I like the beautifully variegated leaves more than the flowers, although their fragrance is worthwhile and I cut them to enjoy inside the house.
As with Tall Bearded Iris, I have grown this successfully for many years in Zones 5, 7 and 9. It, too can be subjected to the rot caused by the holes eaten by the Iris borer. If you have wilting problems, dig up the root [rhizome]; you may see the pitting of borer holes [and the little charmers themselves] but you will definitely smell the rot. If any solid rhizome and root remains, it can be dried in the sun, then replanted, but in heavy soil, chemical control is the only solution short of building a very high, raised bed of gravel, topped with a heavy layer of sand, which might work.
Region: Pacific Northwest
Planted in full sun and endures some drought. The lovely leaves are so attractive and then to bloom each year with such an exquisite fragrance is a plus.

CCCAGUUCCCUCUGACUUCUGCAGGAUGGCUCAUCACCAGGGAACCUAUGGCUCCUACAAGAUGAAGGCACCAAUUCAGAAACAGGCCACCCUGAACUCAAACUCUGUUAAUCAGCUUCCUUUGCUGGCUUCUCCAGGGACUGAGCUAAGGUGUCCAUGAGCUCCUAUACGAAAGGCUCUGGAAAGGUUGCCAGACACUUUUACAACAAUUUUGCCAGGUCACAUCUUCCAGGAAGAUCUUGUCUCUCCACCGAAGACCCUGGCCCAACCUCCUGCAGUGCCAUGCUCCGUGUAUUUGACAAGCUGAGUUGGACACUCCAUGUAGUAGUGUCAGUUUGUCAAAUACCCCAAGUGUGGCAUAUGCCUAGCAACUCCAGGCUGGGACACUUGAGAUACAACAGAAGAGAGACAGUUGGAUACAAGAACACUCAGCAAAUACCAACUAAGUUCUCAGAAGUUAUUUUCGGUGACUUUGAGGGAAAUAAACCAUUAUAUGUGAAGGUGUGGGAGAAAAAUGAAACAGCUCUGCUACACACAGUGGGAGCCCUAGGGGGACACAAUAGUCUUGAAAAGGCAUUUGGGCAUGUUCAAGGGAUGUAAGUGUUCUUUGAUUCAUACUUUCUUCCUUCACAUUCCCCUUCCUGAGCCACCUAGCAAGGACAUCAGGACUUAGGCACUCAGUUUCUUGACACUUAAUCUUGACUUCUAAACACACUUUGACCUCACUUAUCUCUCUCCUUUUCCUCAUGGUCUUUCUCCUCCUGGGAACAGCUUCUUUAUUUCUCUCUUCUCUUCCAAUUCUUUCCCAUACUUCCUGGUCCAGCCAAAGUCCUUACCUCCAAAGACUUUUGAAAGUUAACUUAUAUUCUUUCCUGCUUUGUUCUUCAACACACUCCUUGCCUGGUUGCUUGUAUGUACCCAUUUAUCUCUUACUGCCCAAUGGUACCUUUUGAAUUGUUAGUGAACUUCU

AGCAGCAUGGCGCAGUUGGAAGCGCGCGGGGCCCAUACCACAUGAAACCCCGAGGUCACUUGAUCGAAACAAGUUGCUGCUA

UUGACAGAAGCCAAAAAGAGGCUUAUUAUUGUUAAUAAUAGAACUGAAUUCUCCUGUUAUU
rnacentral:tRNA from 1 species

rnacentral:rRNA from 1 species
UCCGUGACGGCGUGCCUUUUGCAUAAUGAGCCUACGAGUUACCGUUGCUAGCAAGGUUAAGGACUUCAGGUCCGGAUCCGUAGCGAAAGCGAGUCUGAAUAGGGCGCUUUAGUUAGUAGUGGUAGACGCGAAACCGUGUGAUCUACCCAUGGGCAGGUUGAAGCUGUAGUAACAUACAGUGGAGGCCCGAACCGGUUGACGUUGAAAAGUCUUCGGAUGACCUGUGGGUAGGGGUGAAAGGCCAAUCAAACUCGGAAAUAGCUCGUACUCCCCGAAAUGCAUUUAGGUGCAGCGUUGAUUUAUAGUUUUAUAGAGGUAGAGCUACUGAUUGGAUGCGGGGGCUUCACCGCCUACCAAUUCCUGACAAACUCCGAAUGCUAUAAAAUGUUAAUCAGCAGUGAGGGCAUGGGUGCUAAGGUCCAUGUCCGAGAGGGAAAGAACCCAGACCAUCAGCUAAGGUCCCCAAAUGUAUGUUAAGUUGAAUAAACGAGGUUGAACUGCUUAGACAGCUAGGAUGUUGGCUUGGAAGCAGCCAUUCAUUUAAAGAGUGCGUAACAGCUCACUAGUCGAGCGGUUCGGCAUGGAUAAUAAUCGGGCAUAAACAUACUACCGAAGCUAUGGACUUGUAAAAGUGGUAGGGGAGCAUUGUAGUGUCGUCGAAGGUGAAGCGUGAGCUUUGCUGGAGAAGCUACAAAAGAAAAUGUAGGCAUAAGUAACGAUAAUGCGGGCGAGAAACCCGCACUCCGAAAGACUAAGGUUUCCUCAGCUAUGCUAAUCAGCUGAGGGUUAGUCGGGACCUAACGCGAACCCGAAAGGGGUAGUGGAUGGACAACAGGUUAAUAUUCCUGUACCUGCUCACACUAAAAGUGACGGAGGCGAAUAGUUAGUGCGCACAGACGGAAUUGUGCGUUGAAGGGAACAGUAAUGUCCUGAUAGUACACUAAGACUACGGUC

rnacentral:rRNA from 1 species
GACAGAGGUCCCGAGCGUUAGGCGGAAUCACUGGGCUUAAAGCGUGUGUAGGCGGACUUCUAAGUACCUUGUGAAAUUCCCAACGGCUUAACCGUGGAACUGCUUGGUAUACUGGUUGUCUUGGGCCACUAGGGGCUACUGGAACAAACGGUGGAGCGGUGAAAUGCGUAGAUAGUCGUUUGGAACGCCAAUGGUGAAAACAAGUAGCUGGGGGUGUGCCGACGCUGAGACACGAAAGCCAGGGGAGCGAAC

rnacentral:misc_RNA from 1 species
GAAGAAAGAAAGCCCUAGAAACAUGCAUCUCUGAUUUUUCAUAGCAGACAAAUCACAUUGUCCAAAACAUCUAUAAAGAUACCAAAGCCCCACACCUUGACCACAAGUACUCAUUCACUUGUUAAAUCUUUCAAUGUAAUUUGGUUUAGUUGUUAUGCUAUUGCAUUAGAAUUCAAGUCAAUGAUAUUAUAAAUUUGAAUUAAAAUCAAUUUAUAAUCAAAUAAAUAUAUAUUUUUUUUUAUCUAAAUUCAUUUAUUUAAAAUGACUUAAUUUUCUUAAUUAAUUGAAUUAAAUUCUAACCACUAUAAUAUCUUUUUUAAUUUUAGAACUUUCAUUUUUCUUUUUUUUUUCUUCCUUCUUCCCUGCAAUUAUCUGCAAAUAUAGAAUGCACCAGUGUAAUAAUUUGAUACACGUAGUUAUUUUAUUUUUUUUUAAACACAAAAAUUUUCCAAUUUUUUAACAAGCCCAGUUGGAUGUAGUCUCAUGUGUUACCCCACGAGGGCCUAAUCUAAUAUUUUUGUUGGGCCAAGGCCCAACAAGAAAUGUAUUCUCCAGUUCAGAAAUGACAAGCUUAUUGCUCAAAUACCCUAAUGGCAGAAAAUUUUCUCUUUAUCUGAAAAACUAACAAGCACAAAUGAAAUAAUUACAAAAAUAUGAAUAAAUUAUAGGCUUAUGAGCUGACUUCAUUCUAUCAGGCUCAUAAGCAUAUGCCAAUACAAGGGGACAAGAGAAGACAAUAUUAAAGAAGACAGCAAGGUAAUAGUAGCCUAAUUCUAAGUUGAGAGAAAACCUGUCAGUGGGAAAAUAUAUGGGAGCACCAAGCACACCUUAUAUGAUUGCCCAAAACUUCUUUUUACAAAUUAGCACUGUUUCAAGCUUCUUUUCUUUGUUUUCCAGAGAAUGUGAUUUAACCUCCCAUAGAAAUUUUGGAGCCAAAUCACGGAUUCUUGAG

Sited where morning sun transforms the yellow variegation, this Iris is magical. Doesn't seem to mind the root competition of a lacebark elm either. The lavender flowers are not the reason to grow this Iris; it is all about the striped foliage. Underplanted with Sedum alboroseum 'Mediovariegatum' to keep the yellow variegation going.
:-( :-( I've tried this plant on several different occasions in its "ideal" site -- bright sun to part shade, moist soil -- and it's slumped, and shriveled, and usually died. It's certainly never bloomed. It's a loser in my yard.
Region: Mountain West
beautiful blooms, though some years it barely blooms. I haven't quite figured this one out yet, though I love it all season long. The foliage is what saves this iris (for me) when it isn't blooming. I like the shape of the clump
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